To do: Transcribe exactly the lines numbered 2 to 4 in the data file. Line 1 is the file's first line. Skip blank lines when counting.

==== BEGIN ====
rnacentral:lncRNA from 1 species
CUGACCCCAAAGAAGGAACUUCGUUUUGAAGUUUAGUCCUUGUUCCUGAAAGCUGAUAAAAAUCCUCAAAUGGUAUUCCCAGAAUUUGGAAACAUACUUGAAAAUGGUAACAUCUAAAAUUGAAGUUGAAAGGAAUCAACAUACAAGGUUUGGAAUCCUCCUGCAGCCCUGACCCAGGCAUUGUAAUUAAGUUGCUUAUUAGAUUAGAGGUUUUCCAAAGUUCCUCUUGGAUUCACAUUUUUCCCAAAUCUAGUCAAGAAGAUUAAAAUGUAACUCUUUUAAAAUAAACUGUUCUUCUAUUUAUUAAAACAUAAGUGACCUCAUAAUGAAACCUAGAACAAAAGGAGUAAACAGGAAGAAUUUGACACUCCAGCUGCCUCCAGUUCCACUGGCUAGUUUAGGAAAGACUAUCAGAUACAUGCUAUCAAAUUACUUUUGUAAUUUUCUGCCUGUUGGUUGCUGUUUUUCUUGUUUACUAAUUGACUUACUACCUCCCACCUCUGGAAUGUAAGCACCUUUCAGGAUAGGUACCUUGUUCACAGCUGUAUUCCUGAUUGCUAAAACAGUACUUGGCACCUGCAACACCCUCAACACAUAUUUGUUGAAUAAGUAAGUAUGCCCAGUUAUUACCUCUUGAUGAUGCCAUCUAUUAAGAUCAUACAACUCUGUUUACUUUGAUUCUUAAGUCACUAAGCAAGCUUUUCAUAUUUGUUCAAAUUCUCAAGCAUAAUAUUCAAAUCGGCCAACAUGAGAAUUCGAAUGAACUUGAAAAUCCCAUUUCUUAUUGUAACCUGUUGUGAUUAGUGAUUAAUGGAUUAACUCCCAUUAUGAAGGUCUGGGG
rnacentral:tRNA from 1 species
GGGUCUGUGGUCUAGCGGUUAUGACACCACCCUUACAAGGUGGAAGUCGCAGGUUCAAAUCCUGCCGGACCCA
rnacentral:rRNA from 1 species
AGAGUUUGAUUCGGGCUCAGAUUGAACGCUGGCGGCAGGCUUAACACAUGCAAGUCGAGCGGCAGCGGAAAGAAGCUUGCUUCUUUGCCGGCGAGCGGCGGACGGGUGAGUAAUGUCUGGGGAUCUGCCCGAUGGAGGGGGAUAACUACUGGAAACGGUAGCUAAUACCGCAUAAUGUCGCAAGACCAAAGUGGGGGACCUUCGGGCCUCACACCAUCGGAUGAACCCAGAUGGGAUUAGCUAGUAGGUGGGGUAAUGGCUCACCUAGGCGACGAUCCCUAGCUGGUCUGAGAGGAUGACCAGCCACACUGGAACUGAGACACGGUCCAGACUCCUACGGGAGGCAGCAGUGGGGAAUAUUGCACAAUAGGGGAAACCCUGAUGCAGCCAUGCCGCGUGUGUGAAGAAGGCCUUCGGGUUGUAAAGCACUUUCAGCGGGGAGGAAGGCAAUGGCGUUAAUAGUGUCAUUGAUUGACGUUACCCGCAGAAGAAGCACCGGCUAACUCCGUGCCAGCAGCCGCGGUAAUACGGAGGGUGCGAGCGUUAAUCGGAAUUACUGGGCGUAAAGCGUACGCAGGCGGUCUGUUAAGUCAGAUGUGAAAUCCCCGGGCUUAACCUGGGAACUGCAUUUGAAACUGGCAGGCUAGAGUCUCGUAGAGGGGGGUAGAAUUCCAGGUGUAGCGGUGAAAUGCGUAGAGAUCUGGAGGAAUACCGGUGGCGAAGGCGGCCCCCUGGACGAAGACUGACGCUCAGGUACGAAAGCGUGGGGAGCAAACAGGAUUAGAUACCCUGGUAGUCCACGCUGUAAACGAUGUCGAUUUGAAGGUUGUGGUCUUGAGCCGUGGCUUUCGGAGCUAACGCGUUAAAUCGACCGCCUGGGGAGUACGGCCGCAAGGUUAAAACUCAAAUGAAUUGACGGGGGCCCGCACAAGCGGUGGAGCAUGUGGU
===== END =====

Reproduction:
CUGACCCCAAAGAAGGAACUUCGUUUUGAAGUUUAGUCCUUGUUCCUGAAAGCUGAUAAAAAUCCUCAAAUGGUAUUCCCAGAAUUUGGAAACAUACUUGAAAAUGGUAACAUCUAAAAUUGAAGUUGAAAGGAAUCAACAUACAAGGUUUGGAAUCCUCCUGCAGCCCUGACCCAGGCAUUGUAAUUAAGUUGCUUAUUAGAUUAGAGGUUUUCCAAAGUUCCUCUUGGAUUCACAUUUUUCCCAAAUCUAGUCAAGAAGAUUAAAAUGUAACUCUUUUAAAAUAAACUGUUCUUCUAUUUAUUAAAACAUAAGUGACCUCAUAAUGAAACCUAGAACAAAAGGAGUAAACAGGAAGAAUUUGACACUCCAGCUGCCUCCAGUUCCACUGGCUAGUUUAGGAAAGACUAUCAGAUACAUGCUAUCAAAUUACUUUUGUAAUUUUCUGCCUGUUGGUUGCUGUUUUUCUUGUUUACUAAUUGACUUACUACCUCCCACCUCUGGAAUGUAAGCACCUUUCAGGAUAGGUACCUUGUUCACAGCUGUAUUCCUGAUUGCUAAAACAGUACUUGGCACCUGCAACACCCUCAACACAUAUUUGUUGAAUAAGUAAGUAUGCCCAGUUAUUACCUCUUGAUGAUGCCAUCUAUUAAGAUCAUACAACUCUGUUUACUUUGAUUCUUAAGUCACUAAGCAAGCUUUUCAUAUUUGUUCAAAUUCUCAAGCAUAAUAUUCAAAUCGGCCAACAUGAGAAUUCGAAUGAACUUGAAAAUCCCAUUUCUUAUUGUAACCUGUUGUGAUUAGUGAUUAAUGGAUUAACUCCCAUUAUGAAGGUCUGGGG
rnacentral:tRNA from 1 species
GGGUCUGUGGUCUAGCGGUUAUGACACCACCCUUACAAGGUGGAAGUCGCAGGUUCAAAUCCUGCCGGACCCA